1. You may think I m rich, but I don t.
A million dollars may sound like a fortune to most people, and folks with that much cash can t complain they re richer than 94% of U.S. households and earn $350,000 a year, on average, putting them in the top 1% of taxpayers. But the club is a little less exclusive. About 6.7 million households have a net worth above $1 million excluding home equity more than there were in 2002 but lower than the record high of 9.2 million in 2007, according to a 2009 report by Spectrem Group.
Moreover, a recent survey by Fidelity found just 46% of millionaires do not feel wealthy. They re worried about health care, retirement and how they ll sustain their lifestyle, says Gail Graham, executive vice president of Fidelity Investments.
Indeed, many millionaires still don t have enough for exclusive luxuries, like membership at an elite golf club, which can top $300,000 a year. While $1 million was a tidy sum three decades ago, you d need $2.9 million for the same purchasing power today. And two-thirds of all millionaires have a net worth of $2.5 million or less, according to research firm TNS. So what does it take to feel truly rich? The magic number is $7.5 million, according to Fidelity.
2. I shop at Wal-Mart . . .
Most millionaires come from middle-class households, and roughly 65% have been wealthy for less than 15 years, according to a 2009 survey of high-networth individuals, published by American Express Publishing and Harrison Group.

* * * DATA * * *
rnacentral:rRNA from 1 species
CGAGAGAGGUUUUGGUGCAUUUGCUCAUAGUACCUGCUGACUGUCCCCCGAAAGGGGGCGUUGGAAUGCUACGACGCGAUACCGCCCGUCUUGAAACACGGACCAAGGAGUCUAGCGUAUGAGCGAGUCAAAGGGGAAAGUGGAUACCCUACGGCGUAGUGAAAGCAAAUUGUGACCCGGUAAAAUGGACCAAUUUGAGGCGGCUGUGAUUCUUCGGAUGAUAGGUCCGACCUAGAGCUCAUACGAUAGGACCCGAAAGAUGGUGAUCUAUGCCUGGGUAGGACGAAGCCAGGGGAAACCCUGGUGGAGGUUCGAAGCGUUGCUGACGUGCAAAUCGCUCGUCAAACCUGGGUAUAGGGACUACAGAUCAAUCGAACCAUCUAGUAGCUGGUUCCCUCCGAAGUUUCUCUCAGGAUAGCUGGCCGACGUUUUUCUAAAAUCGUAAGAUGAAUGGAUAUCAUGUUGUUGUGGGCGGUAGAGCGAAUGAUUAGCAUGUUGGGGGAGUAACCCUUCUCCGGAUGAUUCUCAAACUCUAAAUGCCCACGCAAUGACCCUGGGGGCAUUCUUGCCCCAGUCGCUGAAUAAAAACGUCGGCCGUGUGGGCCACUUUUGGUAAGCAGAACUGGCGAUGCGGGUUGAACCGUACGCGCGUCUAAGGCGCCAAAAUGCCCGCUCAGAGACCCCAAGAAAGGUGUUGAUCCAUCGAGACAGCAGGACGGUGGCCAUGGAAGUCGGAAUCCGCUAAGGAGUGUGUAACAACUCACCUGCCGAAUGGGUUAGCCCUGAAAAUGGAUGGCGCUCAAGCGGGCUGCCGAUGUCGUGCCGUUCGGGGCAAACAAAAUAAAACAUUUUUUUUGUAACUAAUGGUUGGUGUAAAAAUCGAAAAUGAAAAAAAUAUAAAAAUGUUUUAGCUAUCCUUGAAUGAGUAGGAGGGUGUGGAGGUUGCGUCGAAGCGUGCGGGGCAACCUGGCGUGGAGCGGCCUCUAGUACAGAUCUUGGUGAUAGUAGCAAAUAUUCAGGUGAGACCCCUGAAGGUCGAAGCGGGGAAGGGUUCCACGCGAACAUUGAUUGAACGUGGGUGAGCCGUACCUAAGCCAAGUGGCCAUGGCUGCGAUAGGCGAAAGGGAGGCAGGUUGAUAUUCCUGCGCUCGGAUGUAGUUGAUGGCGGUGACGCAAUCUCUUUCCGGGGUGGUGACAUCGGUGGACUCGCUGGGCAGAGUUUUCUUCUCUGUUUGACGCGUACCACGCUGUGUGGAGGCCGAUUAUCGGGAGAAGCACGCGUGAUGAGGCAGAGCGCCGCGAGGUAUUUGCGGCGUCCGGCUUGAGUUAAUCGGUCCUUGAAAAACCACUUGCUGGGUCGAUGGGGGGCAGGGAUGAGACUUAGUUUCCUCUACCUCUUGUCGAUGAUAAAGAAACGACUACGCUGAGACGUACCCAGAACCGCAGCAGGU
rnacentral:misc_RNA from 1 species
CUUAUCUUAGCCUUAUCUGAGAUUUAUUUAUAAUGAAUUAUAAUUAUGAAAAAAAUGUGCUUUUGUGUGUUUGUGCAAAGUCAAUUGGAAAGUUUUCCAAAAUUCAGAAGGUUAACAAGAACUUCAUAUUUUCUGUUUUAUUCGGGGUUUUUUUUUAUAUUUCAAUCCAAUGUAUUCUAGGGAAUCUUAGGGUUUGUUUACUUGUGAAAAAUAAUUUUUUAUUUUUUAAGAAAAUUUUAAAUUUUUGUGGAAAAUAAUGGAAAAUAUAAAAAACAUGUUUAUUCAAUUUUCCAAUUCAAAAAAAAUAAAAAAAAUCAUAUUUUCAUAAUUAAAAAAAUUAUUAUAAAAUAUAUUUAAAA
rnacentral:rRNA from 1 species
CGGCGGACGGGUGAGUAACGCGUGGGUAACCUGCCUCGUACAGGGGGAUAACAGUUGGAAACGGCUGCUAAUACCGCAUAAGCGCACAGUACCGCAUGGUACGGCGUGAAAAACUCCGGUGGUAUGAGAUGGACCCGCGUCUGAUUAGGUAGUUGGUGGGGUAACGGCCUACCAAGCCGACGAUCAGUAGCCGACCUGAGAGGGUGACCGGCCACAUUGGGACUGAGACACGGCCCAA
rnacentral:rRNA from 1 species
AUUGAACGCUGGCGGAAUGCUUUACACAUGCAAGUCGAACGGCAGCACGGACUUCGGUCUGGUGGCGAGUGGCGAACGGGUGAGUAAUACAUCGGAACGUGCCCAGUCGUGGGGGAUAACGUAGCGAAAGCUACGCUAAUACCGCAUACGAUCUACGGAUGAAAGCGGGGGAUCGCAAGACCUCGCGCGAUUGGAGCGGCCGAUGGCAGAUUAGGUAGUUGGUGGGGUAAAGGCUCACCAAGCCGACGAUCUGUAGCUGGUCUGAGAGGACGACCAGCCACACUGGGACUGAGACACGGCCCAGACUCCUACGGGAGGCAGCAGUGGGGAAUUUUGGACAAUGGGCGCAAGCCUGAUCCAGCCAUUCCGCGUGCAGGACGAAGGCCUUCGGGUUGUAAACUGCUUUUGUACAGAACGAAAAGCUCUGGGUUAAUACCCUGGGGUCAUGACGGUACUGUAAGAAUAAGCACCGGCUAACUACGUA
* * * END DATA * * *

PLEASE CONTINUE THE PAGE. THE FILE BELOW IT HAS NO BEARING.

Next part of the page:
They may not buy the 99-cent paper towels, but millionaires know what it is to be frugal. About 84% say they spend with a middle-class mindset, according to the AmEx/Harrison survey. That means buying luxury items on sale, hunting for bargains and even clipping coupons. In fact, affluent households, including those with income above $100,000, tend to be heavier coupon users than those with lower incomes, according to a 2009 study by Nielsen and market research firm Inmar.
The recent financial crisis has only worked to exaggerate this phenomenon. People making six figures are shopping at Costco. They re realizing that they really do need to be more aware of how they spend their money, says Jon Gallo, principal of Gallo Consulting, which works with financial planners on issues of family wealth.
3. . . . but I didn t get rich by skimping on lattes.
So how do you join the millionaires club? One way is to run your own business. That s how more than a third of all millionaires made their money, according to the AmEx/Harrison survey. Over a third had a professional practice or worked in the corporate world; only 5% inherited their wealth.
Regardless of how they build their nest egg, virtually all millionaires make judicious use of debt, says Russ Alan Prince, coauthor of "The Middle-Class Millionaire." They ll take out loans to build their business, avoid high-interest credit card debt, and leverage their home equity to finance purchases if their cash flow doesn t cut it. Nor is their wealth tied up in their homes. Home equity represents just 10% of millionaires total assets, according to TNS. People who are serious about building wealth always want to have a mortgage, says Jim Bell, president of Bell Investment Advisors. His home is probably worth $1.5 million, he adds, but he owes $900,000 on it. I m in no hurry to pay it off, he says. It s one of the few tax deductions I get.
4. I have a concierge for everything.